Researchers: “We waste time and money writing articles no one cares to read”

Rankings of researchers and universities are based on the number of scientific articles published. And that’s a huge problem, argue two CBS researchers. They think researchers should also be measured on their ability to conduct and disseminate research valuable to society. One of the researchers is taking the matter to the Minister for Higher Education and Science.

Ashamed of flying? It’s both a good and a bad thing, says CBS researcher

The phenomenon of flight shame is spreading, but researchers don’t know why we feel like this or what the consequences of it are. Assistant Professor Florian Kock from CBS is going to investigate the nagging feeling that, according to him, can end up making even more people choose to fly. It’s quite paradoxical.  

Cristiana Parisi wants to make European cities flow better and she got € 10 million to do it

So far, the REFLOW project has taken up most of Associate Professor Cristiana Parisi’s time. Weekends, holidays, spare time, work time. And she’s totally fine with it. The project involves 27 partners and covers 10 European countries, with the aim of turning waste into a resource and making the six cities of Amsterdam, Berlin, Vejle, Paris, Milan and Cluj-Napoca in Romania circular. Also, the project is the largest of its kind at CBS.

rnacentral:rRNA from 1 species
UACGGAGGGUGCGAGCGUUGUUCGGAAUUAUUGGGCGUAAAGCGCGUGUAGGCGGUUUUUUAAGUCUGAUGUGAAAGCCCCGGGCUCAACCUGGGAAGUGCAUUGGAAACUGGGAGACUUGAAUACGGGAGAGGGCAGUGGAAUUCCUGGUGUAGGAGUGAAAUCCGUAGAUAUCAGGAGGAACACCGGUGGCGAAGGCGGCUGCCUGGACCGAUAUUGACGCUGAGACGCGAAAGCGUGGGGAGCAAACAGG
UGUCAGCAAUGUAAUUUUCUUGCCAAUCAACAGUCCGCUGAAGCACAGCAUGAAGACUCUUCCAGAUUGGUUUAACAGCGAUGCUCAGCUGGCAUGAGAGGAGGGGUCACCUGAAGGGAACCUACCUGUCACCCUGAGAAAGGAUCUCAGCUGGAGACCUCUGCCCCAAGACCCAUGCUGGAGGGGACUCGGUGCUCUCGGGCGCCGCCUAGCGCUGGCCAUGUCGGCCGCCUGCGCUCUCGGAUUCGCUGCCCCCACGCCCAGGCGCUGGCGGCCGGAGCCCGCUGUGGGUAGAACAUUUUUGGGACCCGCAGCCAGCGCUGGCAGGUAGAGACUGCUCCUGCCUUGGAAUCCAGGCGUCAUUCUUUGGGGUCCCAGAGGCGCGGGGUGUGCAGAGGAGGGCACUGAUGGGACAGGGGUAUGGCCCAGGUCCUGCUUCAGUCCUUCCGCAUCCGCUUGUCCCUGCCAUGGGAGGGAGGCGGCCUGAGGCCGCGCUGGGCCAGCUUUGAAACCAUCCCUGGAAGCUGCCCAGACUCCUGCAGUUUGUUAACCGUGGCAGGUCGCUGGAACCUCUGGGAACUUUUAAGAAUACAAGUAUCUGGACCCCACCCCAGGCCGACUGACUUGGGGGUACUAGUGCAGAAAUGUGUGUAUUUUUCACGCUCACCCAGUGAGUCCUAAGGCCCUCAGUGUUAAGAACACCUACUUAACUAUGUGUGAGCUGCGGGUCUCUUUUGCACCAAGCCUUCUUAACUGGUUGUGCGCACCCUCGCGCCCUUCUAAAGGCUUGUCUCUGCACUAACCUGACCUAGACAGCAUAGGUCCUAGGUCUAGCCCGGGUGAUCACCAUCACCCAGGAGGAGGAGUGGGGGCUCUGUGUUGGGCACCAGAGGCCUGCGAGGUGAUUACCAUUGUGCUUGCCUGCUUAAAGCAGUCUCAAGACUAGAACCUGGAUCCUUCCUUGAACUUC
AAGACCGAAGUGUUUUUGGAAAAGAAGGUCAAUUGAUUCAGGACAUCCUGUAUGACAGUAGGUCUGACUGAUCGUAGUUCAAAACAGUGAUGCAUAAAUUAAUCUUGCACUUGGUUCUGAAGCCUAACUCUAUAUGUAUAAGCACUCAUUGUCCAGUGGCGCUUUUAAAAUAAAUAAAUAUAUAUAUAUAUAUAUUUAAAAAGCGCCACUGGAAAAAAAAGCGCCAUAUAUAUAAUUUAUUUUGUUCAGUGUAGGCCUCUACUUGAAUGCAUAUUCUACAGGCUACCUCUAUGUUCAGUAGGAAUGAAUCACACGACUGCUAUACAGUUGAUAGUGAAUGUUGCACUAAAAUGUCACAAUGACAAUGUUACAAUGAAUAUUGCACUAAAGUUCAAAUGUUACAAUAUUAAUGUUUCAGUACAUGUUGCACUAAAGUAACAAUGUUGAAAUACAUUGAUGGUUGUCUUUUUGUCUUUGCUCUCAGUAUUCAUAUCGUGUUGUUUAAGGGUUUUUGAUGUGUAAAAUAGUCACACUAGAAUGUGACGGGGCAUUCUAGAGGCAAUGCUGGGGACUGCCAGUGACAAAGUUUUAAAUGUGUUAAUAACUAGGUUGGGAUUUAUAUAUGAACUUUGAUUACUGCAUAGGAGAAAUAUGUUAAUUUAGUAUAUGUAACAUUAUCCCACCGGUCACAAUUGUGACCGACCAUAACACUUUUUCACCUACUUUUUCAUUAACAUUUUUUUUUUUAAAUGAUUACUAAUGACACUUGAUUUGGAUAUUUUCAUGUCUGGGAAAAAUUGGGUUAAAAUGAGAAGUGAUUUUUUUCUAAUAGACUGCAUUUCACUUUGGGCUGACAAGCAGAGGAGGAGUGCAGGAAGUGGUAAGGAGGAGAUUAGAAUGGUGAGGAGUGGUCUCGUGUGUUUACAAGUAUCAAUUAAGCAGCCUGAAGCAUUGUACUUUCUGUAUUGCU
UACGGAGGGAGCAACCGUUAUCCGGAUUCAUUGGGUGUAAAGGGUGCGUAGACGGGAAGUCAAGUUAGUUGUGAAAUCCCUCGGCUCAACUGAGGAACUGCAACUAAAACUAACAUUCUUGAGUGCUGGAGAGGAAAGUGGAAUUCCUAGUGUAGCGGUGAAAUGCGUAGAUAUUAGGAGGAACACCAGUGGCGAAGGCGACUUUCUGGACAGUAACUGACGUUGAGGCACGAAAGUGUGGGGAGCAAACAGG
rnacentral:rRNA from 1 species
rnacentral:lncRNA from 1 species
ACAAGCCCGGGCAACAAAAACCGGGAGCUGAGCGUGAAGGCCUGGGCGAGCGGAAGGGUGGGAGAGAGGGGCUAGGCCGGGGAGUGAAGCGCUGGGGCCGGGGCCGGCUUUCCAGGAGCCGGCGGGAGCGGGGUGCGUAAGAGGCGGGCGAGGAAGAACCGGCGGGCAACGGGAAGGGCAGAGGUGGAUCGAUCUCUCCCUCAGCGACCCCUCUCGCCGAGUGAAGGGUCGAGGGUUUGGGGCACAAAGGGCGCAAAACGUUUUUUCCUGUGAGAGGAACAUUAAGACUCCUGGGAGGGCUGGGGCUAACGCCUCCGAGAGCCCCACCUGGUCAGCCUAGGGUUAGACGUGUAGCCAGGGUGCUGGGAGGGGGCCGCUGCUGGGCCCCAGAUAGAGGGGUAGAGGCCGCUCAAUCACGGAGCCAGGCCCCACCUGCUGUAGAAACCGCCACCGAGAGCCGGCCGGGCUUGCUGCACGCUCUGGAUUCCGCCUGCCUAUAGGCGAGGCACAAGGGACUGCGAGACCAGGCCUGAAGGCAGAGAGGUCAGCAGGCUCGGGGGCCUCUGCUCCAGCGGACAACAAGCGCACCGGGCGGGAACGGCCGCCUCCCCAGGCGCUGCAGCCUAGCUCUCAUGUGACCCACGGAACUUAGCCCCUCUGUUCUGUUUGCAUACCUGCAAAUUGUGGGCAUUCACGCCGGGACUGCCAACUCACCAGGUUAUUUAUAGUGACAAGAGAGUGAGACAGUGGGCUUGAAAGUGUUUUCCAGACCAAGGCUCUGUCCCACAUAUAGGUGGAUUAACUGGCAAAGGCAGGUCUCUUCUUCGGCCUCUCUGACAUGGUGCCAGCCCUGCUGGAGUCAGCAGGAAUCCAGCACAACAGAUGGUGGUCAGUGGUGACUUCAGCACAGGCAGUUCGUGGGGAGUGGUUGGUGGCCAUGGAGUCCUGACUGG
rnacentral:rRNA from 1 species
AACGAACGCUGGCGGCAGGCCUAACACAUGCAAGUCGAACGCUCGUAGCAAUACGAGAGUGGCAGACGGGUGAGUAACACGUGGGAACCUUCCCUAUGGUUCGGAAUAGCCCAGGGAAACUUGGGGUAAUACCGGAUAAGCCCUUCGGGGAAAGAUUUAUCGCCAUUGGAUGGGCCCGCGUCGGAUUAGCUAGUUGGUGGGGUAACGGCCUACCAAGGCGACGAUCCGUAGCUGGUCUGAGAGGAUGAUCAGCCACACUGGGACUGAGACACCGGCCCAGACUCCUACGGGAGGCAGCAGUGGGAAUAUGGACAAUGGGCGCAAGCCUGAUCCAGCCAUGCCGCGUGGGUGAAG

Five-year collaboration has made sustainability research a permanent feature at CBS

“Five years ago, you wouldn’t see sustainability-related research published in the big, mainstream journals. Now it’s a natural part of them,” explains CBS Professor, Andreas Rasche. With the Director of CBS Sustainability, Jeremy Moon, he reflects on the outcomes of the five-year collaboration between the Velux Endowed Chair in Corporate Sustainability and the Governing Responsible Business World-Class Research Environment that just came to an end.

Is it responsible to fly nearly 90 people to a conference in Boston?

For this year’s Academy of Management conference in Boston, 88 people from CBS have been chosen to participate. This will cost about 300,000 kilograms of CO₂ if everyone goes by plane. The Dean of Research explains that they’ve started to track emissions from flight travel and have found that researchers appear to be skipping conference travel. We talked to one researcher who ditched this year’s AOM conference in order to reduce his carbon footprint.